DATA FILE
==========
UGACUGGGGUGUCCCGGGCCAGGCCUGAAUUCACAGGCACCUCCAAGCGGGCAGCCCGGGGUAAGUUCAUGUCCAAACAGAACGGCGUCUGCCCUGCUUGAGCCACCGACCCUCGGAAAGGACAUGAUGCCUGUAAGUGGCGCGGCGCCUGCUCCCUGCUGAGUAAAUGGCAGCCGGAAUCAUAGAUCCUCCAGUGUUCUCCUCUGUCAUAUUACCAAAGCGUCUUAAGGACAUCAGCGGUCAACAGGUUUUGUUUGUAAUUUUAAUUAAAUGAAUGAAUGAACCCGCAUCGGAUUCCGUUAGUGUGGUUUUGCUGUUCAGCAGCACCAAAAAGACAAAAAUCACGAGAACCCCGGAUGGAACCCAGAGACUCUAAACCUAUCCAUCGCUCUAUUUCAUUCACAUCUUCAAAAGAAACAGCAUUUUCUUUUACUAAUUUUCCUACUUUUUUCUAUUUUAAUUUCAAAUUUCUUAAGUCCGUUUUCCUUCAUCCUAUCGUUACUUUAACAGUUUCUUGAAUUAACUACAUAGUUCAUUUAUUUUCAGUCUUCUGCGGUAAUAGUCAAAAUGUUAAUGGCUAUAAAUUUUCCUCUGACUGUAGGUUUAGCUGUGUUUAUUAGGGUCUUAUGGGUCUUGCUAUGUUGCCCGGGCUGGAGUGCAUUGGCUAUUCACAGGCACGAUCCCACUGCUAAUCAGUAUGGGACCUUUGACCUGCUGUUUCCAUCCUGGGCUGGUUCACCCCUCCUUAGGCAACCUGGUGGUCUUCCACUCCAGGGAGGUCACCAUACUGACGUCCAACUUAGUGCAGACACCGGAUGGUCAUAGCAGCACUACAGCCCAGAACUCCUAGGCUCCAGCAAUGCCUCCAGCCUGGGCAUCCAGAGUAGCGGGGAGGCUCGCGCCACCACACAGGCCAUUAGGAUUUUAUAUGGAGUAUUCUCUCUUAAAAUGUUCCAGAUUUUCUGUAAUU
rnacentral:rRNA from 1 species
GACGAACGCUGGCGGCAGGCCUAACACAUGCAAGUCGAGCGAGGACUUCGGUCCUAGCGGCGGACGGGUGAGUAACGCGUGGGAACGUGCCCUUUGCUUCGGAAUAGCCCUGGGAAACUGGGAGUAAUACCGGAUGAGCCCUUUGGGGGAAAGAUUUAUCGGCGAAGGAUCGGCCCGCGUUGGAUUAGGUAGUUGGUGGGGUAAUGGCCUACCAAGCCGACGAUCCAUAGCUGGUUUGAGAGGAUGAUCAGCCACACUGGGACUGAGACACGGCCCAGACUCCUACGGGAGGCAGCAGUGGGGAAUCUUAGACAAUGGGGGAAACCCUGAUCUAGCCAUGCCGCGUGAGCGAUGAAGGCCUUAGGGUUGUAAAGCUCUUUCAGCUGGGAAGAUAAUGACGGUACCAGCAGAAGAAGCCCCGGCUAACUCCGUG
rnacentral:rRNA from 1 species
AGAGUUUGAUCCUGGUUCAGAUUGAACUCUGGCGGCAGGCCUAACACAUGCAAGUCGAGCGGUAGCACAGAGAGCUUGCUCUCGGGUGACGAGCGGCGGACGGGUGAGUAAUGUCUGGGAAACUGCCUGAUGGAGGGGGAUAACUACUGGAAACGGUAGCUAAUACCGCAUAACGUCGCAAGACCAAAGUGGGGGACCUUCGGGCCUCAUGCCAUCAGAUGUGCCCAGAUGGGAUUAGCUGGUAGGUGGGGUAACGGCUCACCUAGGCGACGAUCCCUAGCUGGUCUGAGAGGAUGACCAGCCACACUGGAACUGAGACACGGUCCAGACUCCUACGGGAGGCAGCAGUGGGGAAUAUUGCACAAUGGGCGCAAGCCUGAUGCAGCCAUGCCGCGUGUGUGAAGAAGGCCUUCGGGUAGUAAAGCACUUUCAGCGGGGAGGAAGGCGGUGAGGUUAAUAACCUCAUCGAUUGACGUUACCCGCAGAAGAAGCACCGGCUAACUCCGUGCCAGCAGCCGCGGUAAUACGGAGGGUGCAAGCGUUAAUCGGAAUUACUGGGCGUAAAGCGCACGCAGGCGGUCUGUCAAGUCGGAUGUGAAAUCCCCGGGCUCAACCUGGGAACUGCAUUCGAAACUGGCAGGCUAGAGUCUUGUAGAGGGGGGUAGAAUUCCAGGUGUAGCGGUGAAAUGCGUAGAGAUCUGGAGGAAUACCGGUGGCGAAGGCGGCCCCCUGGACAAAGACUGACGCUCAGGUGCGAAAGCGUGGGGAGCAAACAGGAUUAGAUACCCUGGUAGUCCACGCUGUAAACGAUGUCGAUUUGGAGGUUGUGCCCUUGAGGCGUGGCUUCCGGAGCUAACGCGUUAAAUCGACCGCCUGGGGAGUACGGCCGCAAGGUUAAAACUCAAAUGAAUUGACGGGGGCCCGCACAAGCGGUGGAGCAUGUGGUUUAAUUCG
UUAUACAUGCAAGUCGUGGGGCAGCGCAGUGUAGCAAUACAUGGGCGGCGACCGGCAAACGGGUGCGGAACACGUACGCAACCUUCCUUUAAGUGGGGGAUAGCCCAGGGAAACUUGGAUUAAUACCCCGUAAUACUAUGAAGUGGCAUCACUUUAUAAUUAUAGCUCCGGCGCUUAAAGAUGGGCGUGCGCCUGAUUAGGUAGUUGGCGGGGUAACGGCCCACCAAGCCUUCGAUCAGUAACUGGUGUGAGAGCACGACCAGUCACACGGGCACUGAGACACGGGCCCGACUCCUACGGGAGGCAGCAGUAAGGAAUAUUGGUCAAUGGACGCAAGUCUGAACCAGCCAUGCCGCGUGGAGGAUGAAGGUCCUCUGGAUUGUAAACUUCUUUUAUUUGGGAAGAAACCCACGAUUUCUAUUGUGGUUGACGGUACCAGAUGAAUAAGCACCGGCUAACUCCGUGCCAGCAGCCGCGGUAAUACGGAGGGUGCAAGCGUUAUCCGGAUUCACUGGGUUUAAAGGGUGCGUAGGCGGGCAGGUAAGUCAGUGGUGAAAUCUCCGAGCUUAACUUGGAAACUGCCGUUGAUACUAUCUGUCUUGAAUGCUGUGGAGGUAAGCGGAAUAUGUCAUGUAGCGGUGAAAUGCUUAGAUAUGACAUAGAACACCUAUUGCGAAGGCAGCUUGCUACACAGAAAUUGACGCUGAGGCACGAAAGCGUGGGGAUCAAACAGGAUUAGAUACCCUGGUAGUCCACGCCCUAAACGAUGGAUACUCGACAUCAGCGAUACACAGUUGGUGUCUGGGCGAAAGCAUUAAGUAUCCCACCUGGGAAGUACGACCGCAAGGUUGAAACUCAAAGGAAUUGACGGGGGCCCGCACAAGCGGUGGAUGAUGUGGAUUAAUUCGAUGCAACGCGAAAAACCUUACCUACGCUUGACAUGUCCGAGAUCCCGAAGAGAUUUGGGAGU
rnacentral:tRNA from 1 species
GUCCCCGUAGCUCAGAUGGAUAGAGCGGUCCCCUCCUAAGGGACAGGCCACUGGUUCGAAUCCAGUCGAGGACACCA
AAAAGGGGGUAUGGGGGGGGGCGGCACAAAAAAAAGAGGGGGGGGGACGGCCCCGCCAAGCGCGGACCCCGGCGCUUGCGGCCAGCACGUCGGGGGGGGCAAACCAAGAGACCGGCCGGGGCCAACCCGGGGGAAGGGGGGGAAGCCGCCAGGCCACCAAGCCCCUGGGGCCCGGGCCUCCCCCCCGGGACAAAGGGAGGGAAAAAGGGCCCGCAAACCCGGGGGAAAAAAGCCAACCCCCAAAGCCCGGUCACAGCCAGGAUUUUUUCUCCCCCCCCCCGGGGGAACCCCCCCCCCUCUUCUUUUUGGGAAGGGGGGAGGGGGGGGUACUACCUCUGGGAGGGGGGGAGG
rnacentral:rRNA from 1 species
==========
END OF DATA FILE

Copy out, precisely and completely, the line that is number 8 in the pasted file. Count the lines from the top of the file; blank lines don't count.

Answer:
GUCCCCGUAGCUCAGAUGGAUAGAGCGGUCCCCUCCUAAGGGACAGGCCACUGGUUCGAAUCCAGUCGAGGACACCA